Being Watched

Only a strong flowing source of water could detoxify the outer layer of my son’s skin, removing all traces of psuedo-chocolate and gooey synthetic ice cream. “Come walk with me”, I requested, holding out my hand. Miraculously, he followed me to the familiar outdoor beach showers.

Just the day before, he’d spent 15-minutes having the time of his life, darting in and out the icy streams of water, dancing between the bodies of my daughter’s swim class. Today, shrieks of terror. Whatever peace I’d felt, was shattered.

Impatiently, I lifted him into the spray, quickly wiping him down, ignoring his shrieking protest. Stepping back into the hot sun, I plopped him onto the sand with “there” and “wait”. He stared up at me, instantly silent.

I bent to release a sharp pebble from my beach shoe. I could no longer ignore the sensation that two holes were burning into my back. I turned to find the source, locking eyes with a glaring beach mother. In those few brief seconds, Daniel took full advantage, darting away, out of sight around the corner of the Snack Shack.

A few seconds later, I skidded around the same corner, stopping in amazement. There he was, standing tippy-toe, yelling up toward the beach’s Snack Shack order window , “Hey! You!”.

Freeze Frame: This is one of those hindsight moments that you later look back on, realizing your child may very well have had some developmental issues when “Hey! You!” is as stunning and pleasing to your ears as if he’d just recited the Declaration of Independence.

Back to the beach – In response to his request for help, a Snack Shack worker peeked over the window ledge, saying, “Oh, there you are! Did you want something?”.

“Please, an ice cream sandwich”, he said. Please? A sentence AND “please”! Daniel speaking words was a rarity, but for them to be contextual, was stunning to me.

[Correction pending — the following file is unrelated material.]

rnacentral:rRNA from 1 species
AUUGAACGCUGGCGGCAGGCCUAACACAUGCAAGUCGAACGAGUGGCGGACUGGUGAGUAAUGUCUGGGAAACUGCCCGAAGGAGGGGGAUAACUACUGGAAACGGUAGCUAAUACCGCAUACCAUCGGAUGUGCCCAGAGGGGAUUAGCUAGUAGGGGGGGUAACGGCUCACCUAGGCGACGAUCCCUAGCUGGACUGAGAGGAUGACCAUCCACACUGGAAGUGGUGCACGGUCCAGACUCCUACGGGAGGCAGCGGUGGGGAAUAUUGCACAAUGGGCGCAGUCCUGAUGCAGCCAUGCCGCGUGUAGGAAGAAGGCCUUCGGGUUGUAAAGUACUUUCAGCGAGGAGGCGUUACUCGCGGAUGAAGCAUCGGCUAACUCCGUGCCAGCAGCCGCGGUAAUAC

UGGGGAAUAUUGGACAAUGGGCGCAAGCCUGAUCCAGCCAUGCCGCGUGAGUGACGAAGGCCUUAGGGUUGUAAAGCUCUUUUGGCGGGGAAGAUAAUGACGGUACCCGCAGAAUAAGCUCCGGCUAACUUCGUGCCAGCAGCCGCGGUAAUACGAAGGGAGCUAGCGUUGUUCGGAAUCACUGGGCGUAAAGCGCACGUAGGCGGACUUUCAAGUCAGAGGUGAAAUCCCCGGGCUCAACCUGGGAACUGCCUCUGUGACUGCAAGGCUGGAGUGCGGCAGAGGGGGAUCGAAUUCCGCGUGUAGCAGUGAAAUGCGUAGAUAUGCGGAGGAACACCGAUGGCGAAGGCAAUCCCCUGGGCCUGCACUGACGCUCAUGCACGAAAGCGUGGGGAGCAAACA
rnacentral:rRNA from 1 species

I inarticuately exclaimed, “wow” as I ran up to the window. The poor girl behind the counter was trying her best to explain, “I’m sorry, and you are such a sweet boy the way you asked, but we don’t have any but we should have more tomorrow, so you can try again then, okay, and boy, you sure are cute, such pretty big brown eyes and that darling little face…..”.

Overwhelming him with language, I thought to myself as Daniel ignored her. “Please, an ice cream sandwich”, was his drone request.

I gently took him by his shoulders, saying, “Look! A playground!”, as experience had taught me only too well if Daniel didn’t acquire the object of his desire, there would be a temper tantrum extraordonaire. Handling him much like an explosives expert might handle a possible bomb, my goal was to relocate him, as quickly as I could, to a less public section of the beach before he “blew”.

The moment I touched him, his body tensed in the same manner my parrots do, just before they launch into flight. T-minus-five and counting, he threw himself down, face-first on the cement screaming, “no no no no no no”. My snatch ‘n grab timing skills, having been perfected of late, enabled me to swoop him up a split second before he face-painted the sidewalk with his blood.

It was then I heard The Voice. “You’d better get a grip on him because when he turns 14, you are REALLY going to have a BIG problem. You aren’t going to be able to throw him across your shoulders and carry him off when he’s bigger, that’s for darn sure”. It wasn’t spoken directly to my face. It was blasted into the back of my head. I gritted my teeth and turned to see The Source – the very same beach mother who had spent most of the last three hours boring holes in my back with her stares. I turned away, ignoring her, walking towards the lake.

She would have none of it, leaping into my path yet again, repeating her self-important wisdom. I calmly asked, “Do I know you”. She glared, finally saying, “No”. I said, “I didn’t think so”. I swung around her commanding, “stay and do not follow me”, whisking Daniel away.

Did Daniel have behavior “problems”? Sure. I was cognitively aware something was “different” about his behavior. Doctor after doctor told us his delays were due to any number of reasons, but that with encouragement and love, he’d catch up with all the other children. Friend after friend had provided me with ample reasons for why he behaved the way he did: He was a boy. Boys developed slower than girls. He had an artistic temperament.

Did Daniel’s behavior “problems” warrant an obnoxious stranger’s reproach? Absolutely not. Hers was just the first of several more stranger events of unsolicited advice.


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